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Save Street Food to Save Bangkok: the Beyond Food Initiative

Save street food to save Bangkok: The Beyond Food Initiative

Jorge Carrillo not only wants to save Bangkok’s street food, but a well-functioning city where street food vendors play a vital role. This is why he came up with the Beyond Food Initiative.

The decision by the Bangkok Metropolitan Authority to remove street food vendors from many city locations has recently caught the imagination of journalists, foodies and the public. Nowhere else will you find as many street food stalls as in Bangkok. Half a million people cook food on every sidewalk.

Food stall on a sidewalk in Bangkok
Food stall on a sidewalk in Bangkok

Critics of the street food culture in Bangkok argue lack of hygiene and environmental concerns, but they miss the bigger picture. To be sure, the amount of garbage generated is a real problem since many stalls only serve food to go and recycling is not one of Thailand’s specialities. Thus, the problem is not created by street vendors only but by a city-wide inefficient waste management.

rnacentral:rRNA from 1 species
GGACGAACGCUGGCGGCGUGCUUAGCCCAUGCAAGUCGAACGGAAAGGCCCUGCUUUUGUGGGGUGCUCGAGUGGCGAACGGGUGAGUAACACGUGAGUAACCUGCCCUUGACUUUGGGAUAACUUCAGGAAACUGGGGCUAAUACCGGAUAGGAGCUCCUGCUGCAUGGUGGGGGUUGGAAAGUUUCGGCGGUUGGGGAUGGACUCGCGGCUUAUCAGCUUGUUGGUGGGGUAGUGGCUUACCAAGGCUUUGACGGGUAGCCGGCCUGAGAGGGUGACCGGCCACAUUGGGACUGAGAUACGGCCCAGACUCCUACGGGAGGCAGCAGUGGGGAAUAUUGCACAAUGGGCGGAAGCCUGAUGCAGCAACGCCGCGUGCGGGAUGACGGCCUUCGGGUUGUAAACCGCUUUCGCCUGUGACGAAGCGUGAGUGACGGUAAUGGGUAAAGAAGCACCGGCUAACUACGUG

Jorge Carrillo has founded the ‘Beyond Food’ initiative because ‘I want to help people understand that this is about more than a tasty pad Thai for tourists. Putting an end to the street food stalls would create something like a social earthquake!’. They are planning many activities to influence an audience of academia, the media, social entrepreneurs and city officials.

Street food is not meant to give “character” to the city for tourists, it makes the city functions. It is about affordable food for many locals, street food stalls make the streets safer and street corners less deserted and, more importantly, foods stalls bring people together. ‘You will see bankers on plastic stools enjoying their foods alongside taxi drivers. For Thais, food is the common denominator’.

Street food scene Bangkok
Street food scene Bangkok

Sadly, most of the conversation is happening within a very narrow perspective that pays very little attention how street vending is embedded in urban life at large. Consequently, the dominant view among policy-makers, the media and the public at large is very black-and-white: either keeps it as it is or get rid of it completely. This attitude ignores the complexity of this issue, the way street food is linked to other urban dimensions such as use and design of public spaces, urban safety, urban formal economy, right to the city, etc. Thus, it is necessary to understand not only to the situation of street vendors but also how street food vending is embedded in the functioning of the city in all its dimensions.

Photo on title by @changlisheng

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